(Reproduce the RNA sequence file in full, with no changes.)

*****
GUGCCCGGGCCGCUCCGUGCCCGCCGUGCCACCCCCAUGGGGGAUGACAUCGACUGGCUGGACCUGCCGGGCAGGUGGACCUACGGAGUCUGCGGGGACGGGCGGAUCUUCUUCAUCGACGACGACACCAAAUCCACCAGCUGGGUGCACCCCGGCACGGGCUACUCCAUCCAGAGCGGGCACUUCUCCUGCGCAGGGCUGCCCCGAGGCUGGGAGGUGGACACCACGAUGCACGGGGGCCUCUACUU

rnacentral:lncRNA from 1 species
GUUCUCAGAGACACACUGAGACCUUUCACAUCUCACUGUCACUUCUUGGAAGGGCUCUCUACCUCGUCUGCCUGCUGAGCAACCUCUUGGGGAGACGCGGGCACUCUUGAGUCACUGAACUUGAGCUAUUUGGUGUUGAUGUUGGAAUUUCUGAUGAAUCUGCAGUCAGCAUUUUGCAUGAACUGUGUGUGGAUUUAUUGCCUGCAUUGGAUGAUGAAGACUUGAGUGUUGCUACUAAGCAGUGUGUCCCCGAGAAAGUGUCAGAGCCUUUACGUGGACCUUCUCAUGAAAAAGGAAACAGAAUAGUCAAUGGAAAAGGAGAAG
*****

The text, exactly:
GUGCCCGGGCCGCUCCGUGCCCGCCGUGCCACCCCCAUGGGGGAUGACAUCGACUGGCUGGACCUGCCGGGCAGGUGGACCUACGGAGUCUGCGGGGACGGGCGGAUCUUCUUCAUCGACGACGACACCAAAUCCACCAGCUGGGUGCACCCCGGCACGGGCUACUCCAUCCAGAGCGGGCACUUCUCCUGCGCAGGGCUGCCCCGAGGCUGGGAGGUGGACACCACGAUGCACGGGGGCCUCUACUU

rnacentral:lncRNA from 1 species
GUUCUCAGAGACACACUGAGACCUUUCACAUCUCACUGUCACUUCUUGGAAGGGCUCUCUACCUCGUCUGCCUGCUGAGCAACCUCUUGGGGAGACGCGGGCACUCUUGAGUCACUGAACUUGAGCUAUUUGGUGUUGAUGUUGGAAUUUCUGAUGAAUCUGCAGUCAGCAUUUUGCAUGAACUGUGUGUGGAUUUAUUGCCUGCAUUGGAUGAUGAAGACUUGAGUGUUGCUACUAAGCAGUGUGUCCCCGAGAAAGUGUCAGAGCCUUUACGUGGACCUUCUCAUGAAAAAGGAAACAGAAUAGUCAAUGGAAAAGGAGAAG